Whether you are traveling within the United States or going abroad, one of the joys of leaving home is tasting the local cuisine of your destination. So if you are planning on studying abroad or just going on a family vacation, here are some mouth-watering recommendations from students to guide your palate.

EJ Brotons, a junior double-majoring in Chinese and French.

The best thing I ever ate was in Chengdu, the capital of Sichuan Province, China. Sichuan and the adjacent province, Hunan Province, are known for their spicy food. Most street restaurants in Chengdu are what we would describe in America as “holes in a wall.” The places look like open storefronts with no doors and tables set up in front of an open kitchen. From experience, the cheaper and less fancy the place, the more authentic and rich the spices were. The more expensive restaurants in Chengdu tend to cater to softer pallets.

My absolute favorite dish was called “Erzi Laji,” meaning spicy baby chicken. Words cannot express how rich the spiciness was. The dish was made up of chicken meat, peppers, a handful of peppercorns, a serving of cabbage and a bowl of rice. Sichuan peppercorns are very spicy; every time I ate one, my sinuses would open up. But the serving of cabbage was a little spicy and generally served to cool down your mouth from the peppers. And, of course, rice was a necessity at any proper Chinese meal.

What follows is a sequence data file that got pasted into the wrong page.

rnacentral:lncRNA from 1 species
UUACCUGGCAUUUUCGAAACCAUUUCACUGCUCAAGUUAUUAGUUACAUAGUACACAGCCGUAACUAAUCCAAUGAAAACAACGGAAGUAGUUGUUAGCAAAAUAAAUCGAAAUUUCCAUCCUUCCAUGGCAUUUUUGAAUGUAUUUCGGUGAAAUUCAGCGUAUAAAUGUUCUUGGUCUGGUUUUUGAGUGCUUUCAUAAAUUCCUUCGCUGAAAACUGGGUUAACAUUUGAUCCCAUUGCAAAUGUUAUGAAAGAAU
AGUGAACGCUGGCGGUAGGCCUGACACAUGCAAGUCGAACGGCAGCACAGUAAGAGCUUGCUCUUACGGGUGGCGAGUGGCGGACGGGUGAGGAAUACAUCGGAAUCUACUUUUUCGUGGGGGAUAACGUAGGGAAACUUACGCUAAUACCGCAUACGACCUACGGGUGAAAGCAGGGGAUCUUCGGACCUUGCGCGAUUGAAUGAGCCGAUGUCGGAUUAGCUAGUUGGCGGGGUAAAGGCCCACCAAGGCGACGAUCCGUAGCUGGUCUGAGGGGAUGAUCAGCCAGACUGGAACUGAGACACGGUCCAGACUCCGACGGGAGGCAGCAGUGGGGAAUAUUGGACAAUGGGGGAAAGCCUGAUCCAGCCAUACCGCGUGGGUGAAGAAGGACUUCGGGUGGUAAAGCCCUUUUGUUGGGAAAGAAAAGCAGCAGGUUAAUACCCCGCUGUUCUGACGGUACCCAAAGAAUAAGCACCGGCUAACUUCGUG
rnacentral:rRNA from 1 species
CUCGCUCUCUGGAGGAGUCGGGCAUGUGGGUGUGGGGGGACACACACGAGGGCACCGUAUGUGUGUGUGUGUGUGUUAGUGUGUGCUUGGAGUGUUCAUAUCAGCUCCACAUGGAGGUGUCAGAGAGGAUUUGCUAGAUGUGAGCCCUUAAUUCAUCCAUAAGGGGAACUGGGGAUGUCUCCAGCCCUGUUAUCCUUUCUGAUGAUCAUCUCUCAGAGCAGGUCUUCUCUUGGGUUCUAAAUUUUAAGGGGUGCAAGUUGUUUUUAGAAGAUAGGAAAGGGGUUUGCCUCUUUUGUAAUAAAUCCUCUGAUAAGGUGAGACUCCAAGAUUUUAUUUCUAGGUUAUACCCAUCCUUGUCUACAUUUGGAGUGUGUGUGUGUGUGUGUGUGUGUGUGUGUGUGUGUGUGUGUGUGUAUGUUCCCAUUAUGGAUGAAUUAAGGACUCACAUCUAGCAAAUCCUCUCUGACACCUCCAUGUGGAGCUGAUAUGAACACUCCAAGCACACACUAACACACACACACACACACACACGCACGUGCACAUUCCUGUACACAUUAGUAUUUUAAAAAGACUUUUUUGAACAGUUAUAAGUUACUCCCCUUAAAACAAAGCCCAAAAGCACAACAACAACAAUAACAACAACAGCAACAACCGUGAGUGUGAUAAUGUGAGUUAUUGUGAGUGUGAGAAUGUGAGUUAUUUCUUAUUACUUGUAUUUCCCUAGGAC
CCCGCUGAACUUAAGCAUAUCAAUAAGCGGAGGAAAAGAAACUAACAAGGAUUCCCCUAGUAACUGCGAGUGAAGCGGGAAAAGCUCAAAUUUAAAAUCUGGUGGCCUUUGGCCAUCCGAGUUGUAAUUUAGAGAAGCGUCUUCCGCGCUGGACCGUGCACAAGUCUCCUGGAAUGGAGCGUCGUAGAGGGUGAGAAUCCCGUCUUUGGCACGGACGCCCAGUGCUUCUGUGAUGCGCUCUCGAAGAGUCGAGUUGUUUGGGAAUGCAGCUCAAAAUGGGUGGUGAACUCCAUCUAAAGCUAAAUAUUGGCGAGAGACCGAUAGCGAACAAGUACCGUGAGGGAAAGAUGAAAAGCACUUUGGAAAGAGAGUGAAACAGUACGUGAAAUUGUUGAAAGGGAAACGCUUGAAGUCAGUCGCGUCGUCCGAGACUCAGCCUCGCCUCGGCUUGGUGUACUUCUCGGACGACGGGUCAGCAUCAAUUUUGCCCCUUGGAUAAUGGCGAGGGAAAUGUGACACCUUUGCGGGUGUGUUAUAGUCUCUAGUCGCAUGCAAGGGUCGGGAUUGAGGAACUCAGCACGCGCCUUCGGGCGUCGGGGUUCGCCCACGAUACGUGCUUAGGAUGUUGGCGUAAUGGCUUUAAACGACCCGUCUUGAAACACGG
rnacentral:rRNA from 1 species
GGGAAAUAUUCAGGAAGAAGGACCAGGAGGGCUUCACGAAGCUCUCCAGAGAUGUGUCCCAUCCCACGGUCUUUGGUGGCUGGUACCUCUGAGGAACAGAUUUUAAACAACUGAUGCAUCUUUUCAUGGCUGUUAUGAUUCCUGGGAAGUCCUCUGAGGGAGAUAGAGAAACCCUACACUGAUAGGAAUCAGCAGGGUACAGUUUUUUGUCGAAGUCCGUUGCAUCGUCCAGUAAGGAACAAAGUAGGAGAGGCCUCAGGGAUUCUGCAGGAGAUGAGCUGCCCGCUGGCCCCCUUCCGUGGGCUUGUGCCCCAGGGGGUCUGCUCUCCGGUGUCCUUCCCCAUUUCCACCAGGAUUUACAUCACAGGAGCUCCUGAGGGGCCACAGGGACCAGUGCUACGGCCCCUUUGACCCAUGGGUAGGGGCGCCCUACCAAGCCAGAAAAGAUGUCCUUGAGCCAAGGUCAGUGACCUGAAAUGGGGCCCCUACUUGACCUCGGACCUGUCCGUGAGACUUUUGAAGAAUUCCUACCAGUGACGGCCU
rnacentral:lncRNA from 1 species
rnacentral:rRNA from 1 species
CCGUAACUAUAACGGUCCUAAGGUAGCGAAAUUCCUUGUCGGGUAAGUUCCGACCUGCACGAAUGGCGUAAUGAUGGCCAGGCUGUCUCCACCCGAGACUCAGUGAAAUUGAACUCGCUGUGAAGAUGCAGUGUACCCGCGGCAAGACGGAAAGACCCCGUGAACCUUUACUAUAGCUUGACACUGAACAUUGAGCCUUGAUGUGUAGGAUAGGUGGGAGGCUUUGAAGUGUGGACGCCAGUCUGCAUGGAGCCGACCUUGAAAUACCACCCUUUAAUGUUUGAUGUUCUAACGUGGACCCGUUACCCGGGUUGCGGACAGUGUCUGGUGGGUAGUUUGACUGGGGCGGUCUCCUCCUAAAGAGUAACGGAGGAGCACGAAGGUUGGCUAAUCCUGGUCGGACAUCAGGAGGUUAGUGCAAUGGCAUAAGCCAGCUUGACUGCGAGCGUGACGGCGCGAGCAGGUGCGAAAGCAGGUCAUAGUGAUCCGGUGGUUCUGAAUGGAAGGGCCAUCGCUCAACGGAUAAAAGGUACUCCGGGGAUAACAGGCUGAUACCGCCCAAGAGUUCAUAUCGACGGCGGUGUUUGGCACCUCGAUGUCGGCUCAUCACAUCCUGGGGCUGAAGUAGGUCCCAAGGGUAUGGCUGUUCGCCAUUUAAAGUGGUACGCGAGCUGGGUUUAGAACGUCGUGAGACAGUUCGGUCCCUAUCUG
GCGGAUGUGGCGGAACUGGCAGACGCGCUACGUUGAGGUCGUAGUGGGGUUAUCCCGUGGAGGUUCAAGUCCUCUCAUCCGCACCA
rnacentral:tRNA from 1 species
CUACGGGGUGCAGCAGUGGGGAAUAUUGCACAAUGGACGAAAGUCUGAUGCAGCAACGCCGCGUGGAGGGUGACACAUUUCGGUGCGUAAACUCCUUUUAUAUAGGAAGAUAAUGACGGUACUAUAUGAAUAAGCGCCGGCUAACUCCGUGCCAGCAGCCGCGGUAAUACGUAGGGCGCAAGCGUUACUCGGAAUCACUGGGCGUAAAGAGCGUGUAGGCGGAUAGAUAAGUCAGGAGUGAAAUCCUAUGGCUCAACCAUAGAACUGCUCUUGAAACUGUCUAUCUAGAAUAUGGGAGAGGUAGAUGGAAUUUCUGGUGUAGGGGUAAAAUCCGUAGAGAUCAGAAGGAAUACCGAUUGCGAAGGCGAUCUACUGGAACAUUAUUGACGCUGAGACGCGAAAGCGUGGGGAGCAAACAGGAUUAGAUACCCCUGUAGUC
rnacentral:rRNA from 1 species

Justin Cohen, a senior majoring in bioengineering.

I can’t decide on the best dish, so I’m going to have to go with my top three, which were in Spain, Italy and Hawaii.

In general, I’d say that Spain has the best food and a pretty good variety. The dish that really sticks out in my head is a seafood paella that I ate with my roommate on the beach in Malaga. I don’t know how to describe it other than delicious. Also, Spanish tapas bars are a great way to try a wide assortment of Spanish cuisine for not a whole lot of money.

Another one of my favorites was on Lake Maggiore in northern Italy. The dish consisted of a fresh ball of mozzarella, prosciutto and berries. I also don’t know what to say about that either, other than it was amazing. The restaurant was also in a beautiful location on an island in the middle of the lake overlooking the Swiss Alps.

Last, but not least, on my list of top three meals ever was at a restaurant called La Mariana, in Honolulu, Hawaii. The dish was a fresh Ahi Poke, which is a type of tuna. It was served raw and seasoned over a bed of tomatoes and onions, and garnished with scallions. It was delicious. Hawaii has great seafood everywhere, for obvious reasons, and seafood happens to be my personal favorite.

Gabby Fixman, a junior majoring in economics.

There are a few special foods that are unique to Curacao, a Caribbean island. These are more traditional dishes that you would typically find in locally run restaurants, which have very low-key atmospheres and open storefronts because the weather is so nice and warm.

I would say my favorites are pastechis, which is a type of pastry made of dough filled with cheese, meat or tuna, and then fried. It’s like an empanada, and is typically served as a snack at parties. Another thing is called funchi, which is fried polenta, served typically as a side dish. And a meal would be stoba, which is a dish made of chunks of meat served in bread. It’s really flavorful and tasty.

Raina Fishkin, a sophomore majoring in Judaic studies.

The best thing I ever ate was called Poikeh, at my friend’s kibbutz in Israel, but it’s a well-known dish among Israeli scouts. It’s kind of like a stew and it consists of carrots, lentils, soda, potatoes, onion, meat and chicken broth. It’s cooked in a Crock-Pot for many, many hours so that when you eat it the contents are very delicate and soft, but rustic and meaty. The flavor is a perfect combination of sweet and savory.